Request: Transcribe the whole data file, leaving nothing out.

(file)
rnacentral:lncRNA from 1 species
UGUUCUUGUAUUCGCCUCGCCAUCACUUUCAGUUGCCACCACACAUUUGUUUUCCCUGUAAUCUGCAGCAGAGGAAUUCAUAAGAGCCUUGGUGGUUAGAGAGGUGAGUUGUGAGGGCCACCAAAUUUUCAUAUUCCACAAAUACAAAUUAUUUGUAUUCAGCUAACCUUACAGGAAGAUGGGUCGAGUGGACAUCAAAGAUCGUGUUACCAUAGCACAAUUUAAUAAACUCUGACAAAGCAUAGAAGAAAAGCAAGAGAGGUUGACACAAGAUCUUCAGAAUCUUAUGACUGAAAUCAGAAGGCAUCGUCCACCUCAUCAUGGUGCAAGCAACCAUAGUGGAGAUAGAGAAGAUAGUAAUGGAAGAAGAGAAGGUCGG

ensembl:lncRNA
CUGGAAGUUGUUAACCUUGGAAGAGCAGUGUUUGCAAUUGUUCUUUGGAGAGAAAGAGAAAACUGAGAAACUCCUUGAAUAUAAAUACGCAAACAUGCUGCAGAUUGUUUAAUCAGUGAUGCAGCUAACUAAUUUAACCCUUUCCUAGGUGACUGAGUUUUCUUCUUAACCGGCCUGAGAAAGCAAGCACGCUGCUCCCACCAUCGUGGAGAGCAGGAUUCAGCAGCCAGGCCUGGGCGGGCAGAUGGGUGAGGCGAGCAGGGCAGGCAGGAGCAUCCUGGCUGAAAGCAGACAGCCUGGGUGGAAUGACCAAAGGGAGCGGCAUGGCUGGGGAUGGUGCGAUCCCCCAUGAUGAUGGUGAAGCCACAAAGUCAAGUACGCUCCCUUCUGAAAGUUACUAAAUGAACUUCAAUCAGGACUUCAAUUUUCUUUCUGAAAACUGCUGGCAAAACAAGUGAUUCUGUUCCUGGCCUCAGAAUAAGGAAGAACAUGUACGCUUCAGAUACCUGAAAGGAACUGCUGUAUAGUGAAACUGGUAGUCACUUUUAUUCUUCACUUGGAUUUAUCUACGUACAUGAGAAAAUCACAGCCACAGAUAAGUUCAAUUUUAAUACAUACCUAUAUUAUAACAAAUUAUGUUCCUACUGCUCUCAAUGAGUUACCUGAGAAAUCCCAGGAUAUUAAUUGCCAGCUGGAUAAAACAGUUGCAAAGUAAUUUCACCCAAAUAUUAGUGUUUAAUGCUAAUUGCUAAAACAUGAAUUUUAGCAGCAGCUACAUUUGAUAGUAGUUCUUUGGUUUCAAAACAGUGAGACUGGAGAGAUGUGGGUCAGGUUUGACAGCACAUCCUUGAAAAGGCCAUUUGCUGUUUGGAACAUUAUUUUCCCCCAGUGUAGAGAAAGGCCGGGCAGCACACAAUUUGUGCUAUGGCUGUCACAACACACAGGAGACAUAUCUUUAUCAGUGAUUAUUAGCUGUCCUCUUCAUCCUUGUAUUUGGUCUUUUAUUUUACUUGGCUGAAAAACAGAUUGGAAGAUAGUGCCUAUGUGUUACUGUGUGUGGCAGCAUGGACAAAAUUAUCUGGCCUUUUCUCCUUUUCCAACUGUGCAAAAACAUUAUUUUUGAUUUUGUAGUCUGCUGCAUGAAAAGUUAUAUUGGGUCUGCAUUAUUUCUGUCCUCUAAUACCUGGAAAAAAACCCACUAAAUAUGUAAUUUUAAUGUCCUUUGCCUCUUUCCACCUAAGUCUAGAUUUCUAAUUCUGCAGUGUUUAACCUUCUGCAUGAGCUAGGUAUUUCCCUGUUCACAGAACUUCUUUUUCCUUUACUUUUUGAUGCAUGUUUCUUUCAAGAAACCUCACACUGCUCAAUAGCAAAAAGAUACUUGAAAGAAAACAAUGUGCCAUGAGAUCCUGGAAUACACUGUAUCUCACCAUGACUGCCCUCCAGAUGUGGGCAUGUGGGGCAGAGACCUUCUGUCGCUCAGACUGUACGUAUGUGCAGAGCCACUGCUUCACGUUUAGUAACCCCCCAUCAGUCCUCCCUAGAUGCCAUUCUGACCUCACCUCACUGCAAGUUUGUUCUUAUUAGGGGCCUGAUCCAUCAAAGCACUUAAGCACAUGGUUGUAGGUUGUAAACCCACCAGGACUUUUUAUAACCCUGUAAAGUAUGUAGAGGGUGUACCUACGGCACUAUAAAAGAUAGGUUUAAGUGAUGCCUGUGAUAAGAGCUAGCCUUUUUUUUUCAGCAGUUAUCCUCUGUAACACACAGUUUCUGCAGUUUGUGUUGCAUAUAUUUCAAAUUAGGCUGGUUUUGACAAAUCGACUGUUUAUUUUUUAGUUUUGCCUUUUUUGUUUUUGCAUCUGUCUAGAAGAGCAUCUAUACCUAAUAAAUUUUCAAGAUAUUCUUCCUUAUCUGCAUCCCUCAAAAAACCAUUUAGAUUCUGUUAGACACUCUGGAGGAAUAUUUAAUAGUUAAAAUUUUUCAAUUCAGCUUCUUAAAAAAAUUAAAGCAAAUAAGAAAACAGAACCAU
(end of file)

rnacentral:lncRNA from 1 species
UGUUCUUGUAUUCGCCUCGCCAUCACUUUCAGUUGCCACCACACAUUUGUUUUCCCUGUAAUCUGCAGCAGAGGAAUUCAUAAGAGCCUUGGUGGUUAGAGAGGUGAGUUGUGAGGGCCACCAAAUUUUCAUAUUCCACAAAUACAAAUUAUUUGUAUUCAGCUAACCUUACAGGAAGAUGGGUCGAGUGGACAUCAAAGAUCGUGUUACCAUAGCACAAUUUAAUAAACUCUGACAAAGCAUAGAAGAAAAGCAAGAGAGGUUGACACAAGAUCUUCAGAAUCUUAUGACUGAAAUCAGAAGGCAUCGUCCACCUCAUCAUGGUGCAAGCAACCAUAGUGGAGAUAGAGAAGAUAGUAAUGGAAGAAGAGAAGGUCGG

ensembl:lncRNA
CUGGAAGUUGUUAACCUUGGAAGAGCAGUGUUUGCAAUUGUUCUUUGGAGAGAAAGAGAAAACUGAGAAACUCCUUGAAUAUAAAUACGCAAACAUGCUGCAGAUUGUUUAAUCAGUGAUGCAGCUAACUAAUUUAACCCUUUCCUAGGUGACUGAGUUUUCUUCUUAACCGGCCUGAGAAAGCAAGCACGCUGCUCCCACCAUCGUGGAGAGCAGGAUUCAGCAGCCAGGCCUGGGCGGGCAGAUGGGUGAGGCGAGCAGGGCAGGCAGGAGCAUCCUGGCUGAAAGCAGACAGCCUGGGUGGAAUGACCAAAGGGAGCGGCAUGGCUGGGGAUGGUGCGAUCCCCCAUGAUGAUGGUGAAGCCACAAAGUCAAGUACGCUCCCUUCUGAAAGUUACUAAAUGAACUUCAAUCAGGACUUCAAUUUUCUUUCUGAAAACUGCUGGCAAAACAAGUGAUUCUGUUCCUGGCCUCAGAAUAAGGAAGAACAUGUACGCUUCAGAUACCUGAAAGGAACUGCUGUAUAGUGAAACUGGUAGUCACUUUUAUUCUUCACUUGGAUUUAUCUACGUACAUGAGAAAAUCACAGCCACAGAUAAGUUCAAUUUUAAUACAUACCUAUAUUAUAACAAAUUAUGUUCCUACUGCUCUCAAUGAGUUACCUGAGAAAUCCCAGGAUAUUAAUUGCCAGCUGGAUAAAACAGUUGCAAAGUAAUUUCACCCAAAUAUUAGUGUUUAAUGCUAAUUGCUAAAACAUGAAUUUUAGCAGCAGCUACAUUUGAUAGUAGUUCUUUGGUUUCAAAACAGUGAGACUGGAGAGAUGUGGGUCAGGUUUGACAGCACAUCCUUGAAAAGGCCAUUUGCUGUUUGGAACAUUAUUUUCCCCCAGUGUAGAGAAAGGCCGGGCAGCACACAAUUUGUGCUAUGGCUGUCACAACACACAGGAGACAUAUCUUUAUCAGUGAUUAUUAGCUGUCCUCUUCAUCCUUGUAUUUGGUCUUUUAUUUUACUUGGCUGAAAAACAGAUUGGAAGAUAGUGCCUAUGUGUUACUGUGUGUGGCAGCAUGGACAAAAUUAUCUGGCCUUUUCUCCUUUUCCAACUGUGCAAAAACAUUAUUUUUGAUUUUGUAGUCUGCUGCAUGAAAAGUUAUAUUGGGUCUGCAUUAUUUCUGUCCUCUAAUACCUGGAAAAAAACCCACUAAAUAUGUAAUUUUAAUGUCCUUUGCCUCUUUCCACCUAAGUCUAGAUUUCUAAUUCUGCAGUGUUUAACCUUCUGCAUGAGCUAGGUAUUUCCCUGUUCACAGAACUUCUUUUUCCUUUACUUUUUGAUGCAUGUUUCUUUCAAGAAACCUCACACUGCUCAAUAGCAAAAAGAUACUUGAAAGAAAACAAUGUGCCAUGAGAUCCUGGAAUACACUGUAUCUCACCAUGACUGCCCUCCAGAUGUGGGCAUGUGGGGCAGAGACCUUCUGUCGCUCAGACUGUACGUAUGUGCAGAGCCACUGCUUCACGUUUAGUAACCCCCCAUCAGUCCUCCCUAGAUGCCAUUCUGACCUCACCUCACUGCAAGUUUGUUCUUAUUAGGGGCCUGAUCCAUCAAAGCACUUAAGCACAUGGUUGUAGGUUGUAAACCCACCAGGACUUUUUAUAACCCUGUAAAGUAUGUAGAGGGUGUACCUACGGCACUAUAAAAGAUAGGUUUAAGUGAUGCCUGUGAUAAGAGCUAGCCUUUUUUUUUCAGCAGUUAUCCUCUGUAACACACAGUUUCUGCAGUUUGUGUUGCAUAUAUUUCAAAUUAGGCUGGUUUUGACAAAUCGACUGUUUAUUUUUUAGUUUUGCCUUUUUUGUUUUUGCAUCUGUCUAGAAGAGCAUCUAUACCUAAUAAAUUUUCAAGAUAUUCUUCCUUAUCUGCAUCCCUCAAAAAACCAUUUAGAUUCUGUUAGACACUCUGGAGGAAUAUUUAAUAGUUAAAAUUUUUCAAUUCAGCUUCUUAAAAAAAUUAAAGCAAAUAAGAAAACAGAACCAU